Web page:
I got home last night just in time for a thunderstorm. The sky had been growing steadily darker, so I knew it was coming. All I did last night was curl up with a book and listen to the storm. I *love* summer storms. One of my favorite childhood memories was watching the storms cross over when I was at my grandparents' house in Tennessee. You could see the storm building, building, building, until finally the pressure was almost visible, and then that first crack of lightening would light up the sky and the thunder would just roll and roll. One thing I missed when I lived in Portland were thunderstorms. There was just not enough land between the coast and the city to build up that kind of pressure.
I didn't turn on the TV to see what was going on with last night's storm. My love for thunderstorms has been hijacked in recent years with all the new technology that can track a storm's progress, block by block, through the city. Now that I know all the details, fear has crept in and replaced the sheer joy and wonder. Now I worry about where to hide if there's a tornado, or winds strong enough to topple the tree in the front yard. This fear was exacerbated earlier this year when we had a bad storm in the middle of the night. I had heard it was coming, but it wasn't expected to reach my area until after midnight. It was a weeknight and I was tired, so I went to sleep. Anyone who knows me knows that sleeping through a storm is no problem for me...I sleep like the dead. But apparently I shouldn't have slept through that one, probably. One home just 4 blocks away was completely destroyed, several others had severe damage, and you could see where the tornado had touched down and grazed homes within 100 yards of my house. Hmmm...maybe I shouldn't be so sanguine about these storms.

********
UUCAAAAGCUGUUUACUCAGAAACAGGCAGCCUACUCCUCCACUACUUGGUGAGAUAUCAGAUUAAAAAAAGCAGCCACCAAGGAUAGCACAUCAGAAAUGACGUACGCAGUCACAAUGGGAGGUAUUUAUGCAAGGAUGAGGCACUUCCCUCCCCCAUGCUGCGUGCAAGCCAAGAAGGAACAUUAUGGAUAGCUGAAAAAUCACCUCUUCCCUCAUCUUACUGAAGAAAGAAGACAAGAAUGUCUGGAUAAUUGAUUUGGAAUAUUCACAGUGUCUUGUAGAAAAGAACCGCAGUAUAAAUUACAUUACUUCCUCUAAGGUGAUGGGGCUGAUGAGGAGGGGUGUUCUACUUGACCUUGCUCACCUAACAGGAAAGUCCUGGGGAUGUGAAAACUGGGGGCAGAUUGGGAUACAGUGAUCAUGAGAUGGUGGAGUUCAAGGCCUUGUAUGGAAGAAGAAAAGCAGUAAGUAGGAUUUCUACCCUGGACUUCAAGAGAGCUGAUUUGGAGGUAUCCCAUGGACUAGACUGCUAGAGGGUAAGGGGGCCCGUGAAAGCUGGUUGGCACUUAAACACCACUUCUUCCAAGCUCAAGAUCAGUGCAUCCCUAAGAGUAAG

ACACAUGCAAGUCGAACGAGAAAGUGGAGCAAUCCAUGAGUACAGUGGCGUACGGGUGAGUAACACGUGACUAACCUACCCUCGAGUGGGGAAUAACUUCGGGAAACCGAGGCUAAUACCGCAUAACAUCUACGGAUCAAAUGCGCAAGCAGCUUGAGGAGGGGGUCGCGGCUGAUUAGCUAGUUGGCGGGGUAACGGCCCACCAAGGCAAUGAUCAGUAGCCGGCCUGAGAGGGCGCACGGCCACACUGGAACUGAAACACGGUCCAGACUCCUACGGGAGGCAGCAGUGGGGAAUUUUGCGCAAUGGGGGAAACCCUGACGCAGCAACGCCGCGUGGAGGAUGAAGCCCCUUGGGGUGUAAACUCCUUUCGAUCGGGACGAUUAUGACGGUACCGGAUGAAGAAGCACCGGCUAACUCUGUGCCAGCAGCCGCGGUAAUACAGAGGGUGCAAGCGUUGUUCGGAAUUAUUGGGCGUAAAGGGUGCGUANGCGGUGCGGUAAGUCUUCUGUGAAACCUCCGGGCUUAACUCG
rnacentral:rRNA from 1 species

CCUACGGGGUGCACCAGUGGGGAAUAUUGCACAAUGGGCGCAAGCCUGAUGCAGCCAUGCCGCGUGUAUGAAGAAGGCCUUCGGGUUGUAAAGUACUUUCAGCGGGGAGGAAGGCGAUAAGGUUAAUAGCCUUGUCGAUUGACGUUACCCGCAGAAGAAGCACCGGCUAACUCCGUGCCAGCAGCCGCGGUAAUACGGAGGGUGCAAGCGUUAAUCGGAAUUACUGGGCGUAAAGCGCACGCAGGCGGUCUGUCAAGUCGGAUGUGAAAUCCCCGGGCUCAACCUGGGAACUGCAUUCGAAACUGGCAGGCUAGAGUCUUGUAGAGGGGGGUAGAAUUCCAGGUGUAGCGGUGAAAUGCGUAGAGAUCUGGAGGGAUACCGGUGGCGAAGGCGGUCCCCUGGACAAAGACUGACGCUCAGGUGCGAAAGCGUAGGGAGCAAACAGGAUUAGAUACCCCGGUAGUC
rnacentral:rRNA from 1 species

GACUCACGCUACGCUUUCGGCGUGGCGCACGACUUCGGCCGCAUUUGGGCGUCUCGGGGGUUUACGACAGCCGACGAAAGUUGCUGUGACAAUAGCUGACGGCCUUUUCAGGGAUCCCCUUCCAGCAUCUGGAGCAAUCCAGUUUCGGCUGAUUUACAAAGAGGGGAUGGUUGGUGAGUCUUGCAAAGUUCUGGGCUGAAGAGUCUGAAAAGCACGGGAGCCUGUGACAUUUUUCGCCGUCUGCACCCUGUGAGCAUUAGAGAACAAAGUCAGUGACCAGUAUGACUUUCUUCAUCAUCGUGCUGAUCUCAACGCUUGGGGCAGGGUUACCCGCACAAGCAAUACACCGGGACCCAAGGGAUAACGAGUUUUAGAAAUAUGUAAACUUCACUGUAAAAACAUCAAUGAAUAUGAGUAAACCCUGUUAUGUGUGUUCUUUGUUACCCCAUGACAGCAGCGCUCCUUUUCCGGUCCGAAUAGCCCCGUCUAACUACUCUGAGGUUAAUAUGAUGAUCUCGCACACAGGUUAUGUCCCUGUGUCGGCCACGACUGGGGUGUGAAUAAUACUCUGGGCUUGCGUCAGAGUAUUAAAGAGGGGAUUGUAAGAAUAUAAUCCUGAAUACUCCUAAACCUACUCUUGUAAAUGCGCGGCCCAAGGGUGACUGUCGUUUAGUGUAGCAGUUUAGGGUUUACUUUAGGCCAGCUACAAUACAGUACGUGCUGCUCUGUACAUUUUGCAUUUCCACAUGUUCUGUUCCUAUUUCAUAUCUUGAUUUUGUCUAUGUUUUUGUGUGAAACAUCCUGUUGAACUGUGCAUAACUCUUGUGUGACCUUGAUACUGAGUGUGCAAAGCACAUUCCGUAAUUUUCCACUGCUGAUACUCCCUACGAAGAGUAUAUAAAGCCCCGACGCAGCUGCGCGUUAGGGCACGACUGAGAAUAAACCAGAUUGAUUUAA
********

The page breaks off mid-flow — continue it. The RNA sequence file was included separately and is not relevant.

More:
But that didn't stop me last night. I wasn't about to turn on the TV. Blissfully ignorant, I can still enjoy the storm for what it is, rather than what it may bring. Now if I just had a screened in porch where I could sit and watch it roll by.